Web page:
The Information Commissioner’s Office has claimed its probe into the use of data analytics for political purposes is the largest investigation ever undertaken by a data protection authority, with over 60 experts working on the case, which will change the behaviour and compliance of all of those involved in the political campaigning space.
Commissioner Elizabeth Denham made the claims in her opening remarks to the European Parliament’s hearing on the Facebook/Cambridge Analytica scandal, being led by the Committee on Civil Liberties, Justice and Home Affairs (LIBE).
The ICO has already revealed it is quizzing over 30 companies in its probe, but has answered criticism that the regulator does not have the resources to carry out a full-blown investigation by insisting the inquiry is “significant and wide ranging”.
Denham said: “We have over 40 of our own investigators full time on the inquiry plus external legal and forensic IT recovery experts. This probably adds a further 20 or so staff. We are looking at over 30 separate organisations and the actions of around a dozen key individuals.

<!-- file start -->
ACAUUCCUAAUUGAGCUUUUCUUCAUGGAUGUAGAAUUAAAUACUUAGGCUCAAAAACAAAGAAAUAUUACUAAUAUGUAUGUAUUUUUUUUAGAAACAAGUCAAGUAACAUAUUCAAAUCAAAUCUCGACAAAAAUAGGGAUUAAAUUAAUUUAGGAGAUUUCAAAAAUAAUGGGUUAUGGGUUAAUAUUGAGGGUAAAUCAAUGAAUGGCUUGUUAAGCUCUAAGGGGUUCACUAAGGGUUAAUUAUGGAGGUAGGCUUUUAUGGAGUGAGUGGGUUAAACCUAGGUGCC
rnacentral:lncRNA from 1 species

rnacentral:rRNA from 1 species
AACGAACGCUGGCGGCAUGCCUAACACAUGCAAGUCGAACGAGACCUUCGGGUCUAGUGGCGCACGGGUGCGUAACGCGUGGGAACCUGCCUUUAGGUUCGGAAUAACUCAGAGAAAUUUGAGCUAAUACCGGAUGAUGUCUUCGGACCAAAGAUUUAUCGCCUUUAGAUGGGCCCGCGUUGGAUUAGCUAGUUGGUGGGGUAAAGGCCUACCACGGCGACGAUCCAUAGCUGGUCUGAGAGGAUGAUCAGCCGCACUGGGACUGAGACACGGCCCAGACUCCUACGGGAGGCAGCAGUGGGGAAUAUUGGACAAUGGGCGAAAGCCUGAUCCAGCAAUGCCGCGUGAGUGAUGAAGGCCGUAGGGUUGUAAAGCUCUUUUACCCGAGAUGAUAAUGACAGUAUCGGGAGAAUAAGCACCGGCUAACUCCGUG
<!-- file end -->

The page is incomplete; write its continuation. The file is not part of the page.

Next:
“We are investigating social media platforms, data brokers, analytics firms, political parties and campaign groups and academic institutions. We are looking at both regulatory and criminal breaches.”
The ICO is also working with other regulators, EU data protection authorities and law enforcement in the UK and abroad.
Denham continued: “We have recovered materials, including seizing dozens of servers containing, in total, hundreds of terabytes of data, from searches of several premises and dozens of interviews. We have used the full range of our powers, including formal notices to require information to be provided, our powers of entry under warrant, as well as our audits and inspection powers.”
She said that the ICO is “looking at the complete range of sanctions at our disposal at this time, including our new powers under the new UK Data Protection Act 2018 for no-notice inspections, quicker warrants, to compel delivery of evidence and to seal digital evidence where it cannot be immediately recovered”.
Denham concluded: “This investigation is unprecedented in its scale – we believe it is the largest investigation ever undertaken by a data protection authority. Our investigation and action in this case will change the behaviour and compliance of all of the actors in the political campaigning space. Journalists, whistle blowers, advocates and parliamentarians have played a key role in bringing these issues to public attention.”
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